If you’re looking for a wider spread of investment choices, you’re in luck.
Temasek Holdings has announced its second bond offering to retail investors as part of its S$5 billion Guaranteed Medium Term Note Programme.
As a recap, Temasek is an investment firm with a portfolio valued at S$381 billion as of 31 March 2021 (FY2021).
The bulk of its investments are in Singapore and China, and the company periodically raises funds from bonds issues, bank borrowings or divestments.
That’s what makes Temasek’s latest bond offering noteworthy.
The allure of fixed income is that it yields a steady return to the investor as long as the issuer is reputable and of good credit standing.
It also offers a way to diversify your investment holdings across different asset classes other than equities.
Should investors buy into Temasek’s latest bond offering?
Temasek’s latest bond offers a 1.8% coupon and has a five-year tenure, maturing on 23 November 2026.
The coupon is paid semi-annually and the total offering of S$350 million is divided into two tranches.
The placement tranche of S$250 million is offered to accredited investors and institutions while the remaining S$100 million is offered to retail investors.
The issue price of each bond is S$1,000 and it will be offered in denominations of S$1,000.
The bonds will be listed on the Singapore Exchange and cleared through the Central Depository Pte Ltd (CDP).
Unfortunately, CPF and SRS Funds cannot be used to apply for the bonds’ public offer, but SRS investors can purchase the bonds through the secondary market by contacting their respective banks.
Excellent credit metrics
A quick look at Temasek’s credit metrics shows that the investment firm boasts robust numbers.
The investment firm’s total debt to net portfolio value is just 5% for FY2021 and has remained at such levels over the last three fiscal years.
For interest coverage, Temasek’s total interest expense is only 4% of its dividend income and just 1% of its total recurring income.
These financial metrics demonstrate that Temasek can service its loans and that the firm has a very low default risk.
A comparison of alternatives
That said, the question remains: is a 1.8% per annum yield attractive enough?
Let’s compare this return to a few other asset classes.
The latest Singapore Savings Bond (SSB) offers a 10-year tenure with an average return per year of 1.71%.
This return is fairly close to what Temasek’s bond is offering, but the SSB needs to be held to maturity for the investor to receive this yield.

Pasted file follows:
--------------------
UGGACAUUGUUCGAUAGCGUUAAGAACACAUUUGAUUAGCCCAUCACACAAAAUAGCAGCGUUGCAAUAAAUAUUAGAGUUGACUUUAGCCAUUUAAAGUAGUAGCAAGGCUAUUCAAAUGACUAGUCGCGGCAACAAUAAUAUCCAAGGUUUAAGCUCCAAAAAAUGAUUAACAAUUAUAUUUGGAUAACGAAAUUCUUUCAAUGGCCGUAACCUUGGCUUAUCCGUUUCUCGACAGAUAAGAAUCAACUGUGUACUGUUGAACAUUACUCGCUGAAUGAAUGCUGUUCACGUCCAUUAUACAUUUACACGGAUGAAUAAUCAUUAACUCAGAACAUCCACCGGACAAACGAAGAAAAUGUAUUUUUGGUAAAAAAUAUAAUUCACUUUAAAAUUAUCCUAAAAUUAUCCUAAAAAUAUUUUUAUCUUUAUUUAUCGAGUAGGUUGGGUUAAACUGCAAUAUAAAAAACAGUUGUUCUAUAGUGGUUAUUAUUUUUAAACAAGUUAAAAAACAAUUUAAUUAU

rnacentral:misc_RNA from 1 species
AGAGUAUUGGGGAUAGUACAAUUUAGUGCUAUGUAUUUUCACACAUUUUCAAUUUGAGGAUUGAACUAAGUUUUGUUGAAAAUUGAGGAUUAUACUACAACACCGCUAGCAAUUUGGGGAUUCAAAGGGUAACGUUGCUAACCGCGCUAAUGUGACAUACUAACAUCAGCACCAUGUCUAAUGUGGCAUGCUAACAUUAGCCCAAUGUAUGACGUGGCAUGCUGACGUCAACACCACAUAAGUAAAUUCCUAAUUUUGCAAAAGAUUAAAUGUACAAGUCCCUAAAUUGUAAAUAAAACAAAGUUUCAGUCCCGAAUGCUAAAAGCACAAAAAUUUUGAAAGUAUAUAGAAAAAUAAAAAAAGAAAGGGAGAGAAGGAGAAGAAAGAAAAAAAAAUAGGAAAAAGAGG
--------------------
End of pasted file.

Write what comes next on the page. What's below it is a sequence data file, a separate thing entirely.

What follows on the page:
If the investor holds the bond for five years, his or her annual return falls to 1.15%.
And then, there is the matter of alternatives to Temasek’s bond.
Investing in blue-chip shares such as DBS Group (SGX: D05) or Singapore Exchange Limited (SGX: S68), or SGX, can also provide you with a steady stream of passive income.
DBS offers a forward dividend yield of around 4.1% while SGX’s shares sport a 3.4% trailing yield.
While these yields may look significantly higher than Temasek’s bond offering, investors should note that dividends are not a sure thing and may be either reduced or eliminated when a downturn hits.
With higher inflation coming next year, another question that investors should ask themselves is whether their investments can keep pace.
Global inflation rates have hovered around 2% to 3% over the last five years, and Singapore’s core inflation of 1.1% looks set to rise to this range soon.
At a 1.8% coupon rate, Temasek’s bond may not be sufficient to cover inflation at the lower end of this scale.
Investors who want to enjoy a return higher than inflation need to seek out different avenues for parking their money and manage their risks accordingly.
Get Smart: Invest for diversification
The verdict is in.
Temasek’s bond offers a great way to diversify your investment holdings, while the investment firm is also well-known for its sterling reputation and credit quality.
However, the truth is that its bond yield is still below that of the long-term inflation rate.
Still, it’s much better than parking your money in bank deposits which typically pay less than 1% per annum in interest.
Deploying some capital to purchase Temasek’s bond is a good diversification method, but if you are trying to beat inflation, then you should consider purchasing either shares or REITs.
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Disclaimer: Royston Yang owns shares of DBS Group and Singapore Exchange Limited.
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